Air International 2008-10
B.Archer - USAF Aardvarks in the Cold War /Cold war warrior/
Pictured at Takhli RTAFB in Thailand in September 1972 are F-111As from the 474th TFW parked alongside F-4s. This was the second deployment of the F-111 for combat operations in South East Asia after the less than successful first detachment that had taken place in 1968
Although it initially suffered from technical problems, the F-111 matured into a potent bomber. The aircraft was designed for supersonic flight and to aid this had the ability to sweep back its wings. Terrain-following radar meant that it could fly at low level in all weathers, day or night.
An F-111F of the 48th TFW at RAF Lakenheath carrying Mk.82 500lb bombs on the wing pylons. This variant of the F-111 had the advantage over the 'E by being fitted with the AN/AVQ-26 Pave Tack electro-optical targeting pod for use with laser-guided bombs.
On withdrawal from the USAFE, the F-111Fs, and a number of ’Es, were transferred to the 27th FW at Cannon AFB, New Mexico. One of the former is pictured wearing the overall dark grey scheme adopted by the aircraft after being transferred from Europe.
During the Cold War the UK was home to two variants of the Aardvark, the F-111Es (pictured) were assigned to the 20th TFW at RAF Upper Heyford, while the 'Fs went to the 48th TFW at RAF Lakenheath. The F-111E entered service in September 1969. The following year the first examples arrived at Upper Heyford.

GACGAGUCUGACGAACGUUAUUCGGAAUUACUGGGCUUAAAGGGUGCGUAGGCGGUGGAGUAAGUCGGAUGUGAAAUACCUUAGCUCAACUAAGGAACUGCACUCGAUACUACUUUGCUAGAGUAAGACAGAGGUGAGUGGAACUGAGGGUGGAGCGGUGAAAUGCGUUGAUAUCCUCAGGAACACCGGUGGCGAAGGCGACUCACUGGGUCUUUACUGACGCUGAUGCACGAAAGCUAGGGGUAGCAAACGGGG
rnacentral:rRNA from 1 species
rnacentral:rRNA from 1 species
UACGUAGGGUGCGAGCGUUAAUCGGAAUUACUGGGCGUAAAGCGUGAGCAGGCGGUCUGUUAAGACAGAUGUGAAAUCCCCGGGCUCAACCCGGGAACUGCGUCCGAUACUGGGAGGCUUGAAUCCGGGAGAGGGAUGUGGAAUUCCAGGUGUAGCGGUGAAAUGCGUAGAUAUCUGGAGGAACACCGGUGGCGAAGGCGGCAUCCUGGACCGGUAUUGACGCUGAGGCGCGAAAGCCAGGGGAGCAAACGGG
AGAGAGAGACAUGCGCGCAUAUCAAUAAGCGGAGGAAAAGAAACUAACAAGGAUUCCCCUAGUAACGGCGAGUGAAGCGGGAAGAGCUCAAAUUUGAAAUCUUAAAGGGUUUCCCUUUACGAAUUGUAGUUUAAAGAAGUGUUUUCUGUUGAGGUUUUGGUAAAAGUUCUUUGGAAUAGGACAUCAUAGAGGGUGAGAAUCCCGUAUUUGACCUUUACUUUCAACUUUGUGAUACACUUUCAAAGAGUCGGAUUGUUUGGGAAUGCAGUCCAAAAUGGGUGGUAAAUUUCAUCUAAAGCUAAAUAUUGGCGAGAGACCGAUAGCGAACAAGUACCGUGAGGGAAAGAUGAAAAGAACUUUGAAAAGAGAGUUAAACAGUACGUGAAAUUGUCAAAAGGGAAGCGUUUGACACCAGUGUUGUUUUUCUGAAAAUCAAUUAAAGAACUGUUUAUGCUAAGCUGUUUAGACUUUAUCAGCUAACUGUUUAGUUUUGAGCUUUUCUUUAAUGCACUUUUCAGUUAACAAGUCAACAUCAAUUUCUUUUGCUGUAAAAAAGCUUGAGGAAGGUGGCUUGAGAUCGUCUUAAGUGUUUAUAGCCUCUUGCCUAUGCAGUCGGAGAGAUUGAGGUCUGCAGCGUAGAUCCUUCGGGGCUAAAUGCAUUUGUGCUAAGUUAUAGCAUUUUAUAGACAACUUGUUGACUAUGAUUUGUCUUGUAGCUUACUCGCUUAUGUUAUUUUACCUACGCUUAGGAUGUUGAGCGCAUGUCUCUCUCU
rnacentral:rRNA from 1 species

Strategic Air Command procured 76 FB-111As as a replacement for the B-52C/E and 'F versions of the Stratofortress. The entry into service of the B-1B led to SAC adding a tactical role to these nuclear-capable bombers, as a result 38 of them were converted to F-111G standard. This FB-111A of the 380th Strategic Aerospace Wing at Plattsburgh AFB, New York, wears the darker wrap-around camouflage that was standard on this variant.
Development of the EF-111A Raven was brought about by the necessity to replace the elderly Douglas EB-66 Destroyer which had a specialised electronic warfare role. The Raven could be used to jam enemy air defences, as it did when three 42nd EDS aircraft from RAF Upper Heyford took part in the operation against Libya in April 1986.
Grumman (General Dynamics) EF-111A Raven